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Money Coach

When it comes to your finances, the easy way isn't always best

Your financial path is littered with alluring options like credit cards, bad payday loans, reverse mortgages and 401(k) raids. The economy is starting to look stronger, but the employment rate is still fairly high, currently at 9.7 percent. Many families are skipping contributions to savings or retirement funds just to keep up with bills.

When treading waters like these, it can be difficult to keep your head up high enough to allow you to breathe. But don’t compound your problems by making these common mistakes.

• Stay away from your 401(k). Don’t dip into it even if you can’t figure out a way to pay your bills. It’s particularly foolish to dip into a 401(k) if you’re in danger of bankruptcy, since retirement accounts are protected under bankruptcy laws in most states. You won’t have to surrender your retirement savings to get a fresh start. If you dip into it as a temporary fix now, you may find yourself broke now and in the future.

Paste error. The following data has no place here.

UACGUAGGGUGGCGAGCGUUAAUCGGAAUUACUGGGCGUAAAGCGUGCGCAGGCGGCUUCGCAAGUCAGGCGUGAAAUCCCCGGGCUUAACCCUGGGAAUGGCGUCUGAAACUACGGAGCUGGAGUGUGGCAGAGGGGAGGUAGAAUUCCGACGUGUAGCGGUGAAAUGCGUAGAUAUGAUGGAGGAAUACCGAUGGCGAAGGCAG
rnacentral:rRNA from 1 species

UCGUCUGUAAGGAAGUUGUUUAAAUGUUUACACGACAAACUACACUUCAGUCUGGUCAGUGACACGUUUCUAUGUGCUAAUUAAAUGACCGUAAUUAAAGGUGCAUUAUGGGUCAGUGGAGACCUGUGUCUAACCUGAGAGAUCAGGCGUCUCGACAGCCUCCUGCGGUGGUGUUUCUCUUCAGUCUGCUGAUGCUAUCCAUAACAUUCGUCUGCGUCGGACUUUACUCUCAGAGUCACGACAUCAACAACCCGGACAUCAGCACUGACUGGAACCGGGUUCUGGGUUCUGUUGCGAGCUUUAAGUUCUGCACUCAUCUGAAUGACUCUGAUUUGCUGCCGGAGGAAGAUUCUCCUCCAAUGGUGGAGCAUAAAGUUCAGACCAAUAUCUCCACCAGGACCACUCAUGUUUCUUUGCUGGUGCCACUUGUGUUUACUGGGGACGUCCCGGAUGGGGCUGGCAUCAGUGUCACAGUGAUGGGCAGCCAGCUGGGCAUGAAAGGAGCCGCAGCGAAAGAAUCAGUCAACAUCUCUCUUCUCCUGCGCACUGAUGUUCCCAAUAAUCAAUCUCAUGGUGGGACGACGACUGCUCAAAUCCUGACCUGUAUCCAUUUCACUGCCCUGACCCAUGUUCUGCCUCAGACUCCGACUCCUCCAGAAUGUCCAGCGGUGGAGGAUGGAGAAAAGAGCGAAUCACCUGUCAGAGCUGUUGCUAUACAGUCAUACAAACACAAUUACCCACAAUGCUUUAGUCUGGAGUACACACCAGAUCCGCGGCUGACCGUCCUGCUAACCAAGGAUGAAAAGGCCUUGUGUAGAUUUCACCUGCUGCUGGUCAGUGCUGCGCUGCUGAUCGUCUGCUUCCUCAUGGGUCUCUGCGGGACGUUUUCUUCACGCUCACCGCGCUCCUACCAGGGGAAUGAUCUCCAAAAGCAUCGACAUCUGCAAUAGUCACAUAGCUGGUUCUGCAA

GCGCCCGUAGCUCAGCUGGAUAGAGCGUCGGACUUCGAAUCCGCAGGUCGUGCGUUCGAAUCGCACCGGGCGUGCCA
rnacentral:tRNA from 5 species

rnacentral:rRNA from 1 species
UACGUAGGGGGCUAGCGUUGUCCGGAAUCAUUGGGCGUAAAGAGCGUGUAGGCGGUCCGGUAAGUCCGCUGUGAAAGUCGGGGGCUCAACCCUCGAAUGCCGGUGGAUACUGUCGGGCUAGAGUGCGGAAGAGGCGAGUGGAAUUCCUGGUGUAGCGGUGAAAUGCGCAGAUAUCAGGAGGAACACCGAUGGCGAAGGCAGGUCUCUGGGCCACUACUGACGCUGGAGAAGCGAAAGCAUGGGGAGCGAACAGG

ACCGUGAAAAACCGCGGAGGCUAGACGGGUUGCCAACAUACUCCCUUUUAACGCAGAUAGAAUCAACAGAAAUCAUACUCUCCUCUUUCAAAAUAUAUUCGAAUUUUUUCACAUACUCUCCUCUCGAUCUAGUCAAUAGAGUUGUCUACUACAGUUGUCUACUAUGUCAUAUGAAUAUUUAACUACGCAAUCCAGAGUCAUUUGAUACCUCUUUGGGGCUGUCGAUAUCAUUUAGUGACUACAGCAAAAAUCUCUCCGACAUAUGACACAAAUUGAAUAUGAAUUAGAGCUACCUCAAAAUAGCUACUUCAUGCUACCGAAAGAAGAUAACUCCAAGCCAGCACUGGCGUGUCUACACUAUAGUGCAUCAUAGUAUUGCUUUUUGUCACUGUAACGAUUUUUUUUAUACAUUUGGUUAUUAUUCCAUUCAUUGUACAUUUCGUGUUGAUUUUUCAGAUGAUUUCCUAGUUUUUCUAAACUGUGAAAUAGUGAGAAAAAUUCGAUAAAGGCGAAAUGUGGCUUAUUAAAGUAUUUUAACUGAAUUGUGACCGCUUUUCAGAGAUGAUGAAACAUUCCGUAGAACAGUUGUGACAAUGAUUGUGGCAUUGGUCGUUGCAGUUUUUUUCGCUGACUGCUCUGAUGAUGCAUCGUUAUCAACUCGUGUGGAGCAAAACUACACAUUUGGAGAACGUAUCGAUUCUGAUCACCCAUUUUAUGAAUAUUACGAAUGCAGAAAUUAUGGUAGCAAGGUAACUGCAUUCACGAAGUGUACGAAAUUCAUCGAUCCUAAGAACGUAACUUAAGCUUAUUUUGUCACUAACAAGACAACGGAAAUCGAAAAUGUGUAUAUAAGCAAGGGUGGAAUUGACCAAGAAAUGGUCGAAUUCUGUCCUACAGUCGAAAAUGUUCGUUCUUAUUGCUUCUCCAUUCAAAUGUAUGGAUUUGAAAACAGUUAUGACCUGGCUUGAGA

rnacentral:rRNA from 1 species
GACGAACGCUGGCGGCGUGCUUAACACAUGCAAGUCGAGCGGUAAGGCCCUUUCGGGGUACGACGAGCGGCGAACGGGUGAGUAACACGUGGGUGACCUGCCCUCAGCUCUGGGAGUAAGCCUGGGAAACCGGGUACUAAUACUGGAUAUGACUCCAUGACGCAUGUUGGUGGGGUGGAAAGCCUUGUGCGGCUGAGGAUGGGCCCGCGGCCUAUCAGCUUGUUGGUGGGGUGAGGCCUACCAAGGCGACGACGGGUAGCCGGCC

• Don’t walk out on your mortgage. This isn’t your only option, providing you still have an income. If the situation is short-term, meaning you can see a way to keep making the payment, then stick with it. If the problem is long-term, then the fact of the matter is that you can no longer afford your home. The sooner you realize this and make plans to sell it, the better.

• Don’t ignore your credit card balance. Credit card usage is down, however, many families still owe more than 40 percent of the income. Don’t just pay the minimum on your balance; pay as much as you can and pay the card off as soon as possible.

• Don’t fall victim to those debt consolidation firms. Many of them are scams.

• Be cautious about payday loans. This type of loan is a short-term loan in order to meet emergency expenses between paychecks – it’s not meant to be a long-term financial solution.

• Be leery of reverse mortgages. These mortgages often carry fees and other costs that can be considerably higher than other loans. Instead of this type of loan, take out a home equity loan, or sell your home and move to a smaller, less expensive one.

The bottom line is this: don’t look for the easy way out. It takes time to get yourself into trouble financially, and it will take time to get yourself out. Take the time to do things right.

Published Feb 10 2011, 11:43 AM by moneycoach
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